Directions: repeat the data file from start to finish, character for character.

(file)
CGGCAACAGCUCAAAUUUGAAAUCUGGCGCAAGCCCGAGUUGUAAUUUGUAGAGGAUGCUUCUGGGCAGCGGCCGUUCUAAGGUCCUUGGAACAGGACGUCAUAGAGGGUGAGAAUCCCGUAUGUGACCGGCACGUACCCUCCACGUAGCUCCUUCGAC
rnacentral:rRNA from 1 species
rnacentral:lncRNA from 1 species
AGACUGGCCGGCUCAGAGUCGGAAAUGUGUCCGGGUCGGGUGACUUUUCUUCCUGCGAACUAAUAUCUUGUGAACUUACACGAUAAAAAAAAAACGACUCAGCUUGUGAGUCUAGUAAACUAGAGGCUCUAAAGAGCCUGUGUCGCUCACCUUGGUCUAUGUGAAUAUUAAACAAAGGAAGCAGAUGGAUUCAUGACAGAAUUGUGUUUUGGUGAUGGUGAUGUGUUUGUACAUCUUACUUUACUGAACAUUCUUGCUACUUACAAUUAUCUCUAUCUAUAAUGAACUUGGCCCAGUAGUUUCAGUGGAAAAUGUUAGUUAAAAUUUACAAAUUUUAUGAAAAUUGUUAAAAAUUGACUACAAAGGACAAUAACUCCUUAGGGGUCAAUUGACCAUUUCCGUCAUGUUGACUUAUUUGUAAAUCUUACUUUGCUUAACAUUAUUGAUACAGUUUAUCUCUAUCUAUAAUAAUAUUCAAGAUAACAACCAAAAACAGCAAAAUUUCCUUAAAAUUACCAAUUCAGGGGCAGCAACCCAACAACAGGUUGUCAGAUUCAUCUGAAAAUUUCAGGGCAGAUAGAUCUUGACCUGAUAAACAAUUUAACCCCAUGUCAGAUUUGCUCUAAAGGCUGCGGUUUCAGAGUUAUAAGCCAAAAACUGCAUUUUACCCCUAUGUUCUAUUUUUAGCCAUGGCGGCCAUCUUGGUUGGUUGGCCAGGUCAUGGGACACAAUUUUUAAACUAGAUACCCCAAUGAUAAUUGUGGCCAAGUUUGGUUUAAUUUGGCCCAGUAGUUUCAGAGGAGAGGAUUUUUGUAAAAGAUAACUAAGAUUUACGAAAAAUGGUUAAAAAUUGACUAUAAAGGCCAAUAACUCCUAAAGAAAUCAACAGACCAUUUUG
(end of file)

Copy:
CGGCAACAGCUCAAAUUUGAAAUCUGGCGCAAGCCCGAGUUGUAAUUUGUAGAGGAUGCUUCUGGGCAGCGGCCGUUCUAAGGUCCUUGGAACAGGACGUCAUAGAGGGUGAGAAUCCCGUAUGUGACCGGCACGUACCCUCCACGUAGCUCCUUCGAC
rnacentral:rRNA from 1 species
rnacentral:lncRNA from 1 species
AGACUGGCCGGCUCAGAGUCGGAAAUGUGUCCGGGUCGGGUGACUUUUCUUCCUGCGAACUAAUAUCUUGUGAACUUACACGAUAAAAAAAAAACGACUCAGCUUGUGAGUCUAGUAAACUAGAGGCUCUAAAGAGCCUGUGUCGCUCACCUUGGUCUAUGUGAAUAUUAAACAAAGGAAGCAGAUGGAUUCAUGACAGAAUUGUGUUUUGGUGAUGGUGAUGUGUUUGUACAUCUUACUUUACUGAACAUUCUUGCUACUUACAAUUAUCUCUAUCUAUAAUGAACUUGGCCCAGUAGUUUCAGUGGAAAAUGUUAGUUAAAAUUUACAAAUUUUAUGAAAAUUGUUAAAAAUUGACUACAAAGGACAAUAACUCCUUAGGGGUCAAUUGACCAUUUCCGUCAUGUUGACUUAUUUGUAAAUCUUACUUUGCUUAACAUUAUUGAUACAGUUUAUCUCUAUCUAUAAUAAUAUUCAAGAUAACAACCAAAAACAGCAAAAUUUCCUUAAAAUUACCAAUUCAGGGGCAGCAACCCAACAACAGGUUGUCAGAUUCAUCUGAAAAUUUCAGGGCAGAUAGAUCUUGACCUGAUAAACAAUUUAACCCCAUGUCAGAUUUGCUCUAAAGGCUGCGGUUUCAGAGUUAUAAGCCAAAAACUGCAUUUUACCCCUAUGUUCUAUUUUUAGCCAUGGCGGCCAUCUUGGUUGGUUGGCCAGGUCAUGGGACACAAUUUUUAAACUAGAUACCCCAAUGAUAAUUGUGGCCAAGUUUGGUUUAAUUUGGCCCAGUAGUUUCAGAGGAGAGGAUUUUUGUAAAAGAUAACUAAGAUUUACGAAAAAUGGUUAAAAAUUGACUAUAAAGGCCAAUAACUCCUAAAGAAAUCAACAGACCAUUUUG